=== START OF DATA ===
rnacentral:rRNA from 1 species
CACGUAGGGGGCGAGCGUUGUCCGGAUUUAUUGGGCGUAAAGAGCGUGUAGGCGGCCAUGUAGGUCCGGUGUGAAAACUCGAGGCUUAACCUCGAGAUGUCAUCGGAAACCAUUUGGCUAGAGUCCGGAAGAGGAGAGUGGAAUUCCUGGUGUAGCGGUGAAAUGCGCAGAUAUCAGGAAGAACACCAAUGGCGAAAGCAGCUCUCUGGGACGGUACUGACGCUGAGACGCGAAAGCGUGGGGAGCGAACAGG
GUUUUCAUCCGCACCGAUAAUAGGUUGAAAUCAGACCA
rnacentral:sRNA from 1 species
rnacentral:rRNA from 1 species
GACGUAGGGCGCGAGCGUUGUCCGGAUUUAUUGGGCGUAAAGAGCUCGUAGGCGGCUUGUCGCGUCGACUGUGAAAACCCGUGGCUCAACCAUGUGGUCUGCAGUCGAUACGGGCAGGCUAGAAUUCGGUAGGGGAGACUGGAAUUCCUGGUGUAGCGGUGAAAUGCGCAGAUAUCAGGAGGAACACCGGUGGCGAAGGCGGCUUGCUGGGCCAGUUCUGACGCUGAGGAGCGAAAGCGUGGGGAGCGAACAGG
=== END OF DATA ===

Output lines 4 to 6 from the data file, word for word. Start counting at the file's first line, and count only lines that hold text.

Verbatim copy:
rnacentral:sRNA from 1 species
rnacentral:rRNA from 1 species
GACGUAGGGCGCGAGCGUUGUCCGGAUUUAUUGGGCGUAAAGAGCUCGUAGGCGGCUUGUCGCGUCGACUGUGAAAACCCGUGGCUCAACCAUGUGGUCUGCAGUCGAUACGGGCAGGCUAGAAUUCGGUAGGGGAGACUGGAAUUCCUGGUGUAGCGGUGAAAUGCGCAGAUAUCAGGAGGAACACCGGUGGCGAAGGCGGCUUGCUGGGCCAGUUCUGACGCUGAGGAGCGAAAGCGUGGGGAGCGAACAGG